Matt James is making history as ABC's first Black Bachelor.
The 28-year-old real estate broker, entrepreneur and community organization founder has been tapped as the season 25 lead following days of renewed pressure about the franchise's lack of diversity. James was previously set to be a contestant on Clare Crawley's forthcoming season of The Bachelorette before production was shut down in March and postponed indefinitely amid the novel coronavirus pandemic. Bachelor Nation also knows James as the best friend, roommate and business partner to fan-favorite Tyler Cameron; the two have spent the majority of the pandemic quarantined together in Florida, along with former Bachelorette Hannah Brown.
"Matt has been on our radar since February, when producers first approached him to join Bachelor Nation, as part of Clare's season. When filming couldn't move forward as planned, we were given the benefit of time to get to know Matt and all agreed he would make a perfect Bachelor," ABC Entertainment president Karey Burke said in a statement announcing the casting Friday. "We know we have a responsibility to make sure the love stories we're seeing onscreen are representative of the world we live in and we are proudly in service to our audience. This is just the beginning and we will continue to take action with regard to diversity issues on this franchise. We feel so privileged to have Matt as our first Black Bachelor and we cannot wait to embark on this journey with him.”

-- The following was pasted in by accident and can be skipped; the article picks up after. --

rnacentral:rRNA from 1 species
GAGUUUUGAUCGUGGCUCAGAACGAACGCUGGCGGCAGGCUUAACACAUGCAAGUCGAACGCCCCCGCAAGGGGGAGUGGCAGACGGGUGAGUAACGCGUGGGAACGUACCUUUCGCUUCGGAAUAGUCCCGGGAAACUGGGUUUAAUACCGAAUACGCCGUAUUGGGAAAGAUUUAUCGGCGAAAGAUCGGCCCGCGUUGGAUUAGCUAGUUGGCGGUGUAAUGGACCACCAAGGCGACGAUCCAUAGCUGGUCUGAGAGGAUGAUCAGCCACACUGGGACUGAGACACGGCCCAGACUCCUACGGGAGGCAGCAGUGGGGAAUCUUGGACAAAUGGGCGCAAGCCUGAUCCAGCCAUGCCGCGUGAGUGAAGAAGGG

James, a North Carolina native who played football at Wake Forest, had a short run in the NFL and now lives in New York City, where he and Cameron run ABC Food Tours, an organization that offers kids from underserved communities the opportunity to explore the city through food, exercise and mental and physical wellness. He is the first Bachelor since 2008's Matt Grant to be cast as the lead without having appeared as a contestant on The Bachelorette.
The Bachelor's executive producers also put out a joint statement, saying, "We are excited to move forward with both Matt James as the new Bachelor and Clare Crawley as our next Bachelorette. We acknowledge our responsibility for the lack of representation of people of color on our franchise and pledge to make significant changes to address this issue moving forward. We are taking positive steps to expand diversity in our cast, in our staff, and most importantly, in the relationships that we show on television. We can and will do better to reflect the world around us and show all of its beautiful love stories."
The announcement follows vocal criticism from Rachel Lindsay, who until now, had been the franchise's lone black lead since the dating competition series first debuted in 2002. Lindsay earlier this week penned an emotional blog post in which she called for the franchise's "systemic racism" to be addressed. In the wake of George Floyd's death and subsequent calls for police reform amid the Black Lives Matter movement, Lindsay — who previously criticized the show's lack of diversity — said she would "disassociate" herself from the beloved franchise unless the network and producers Warner Bros. took action.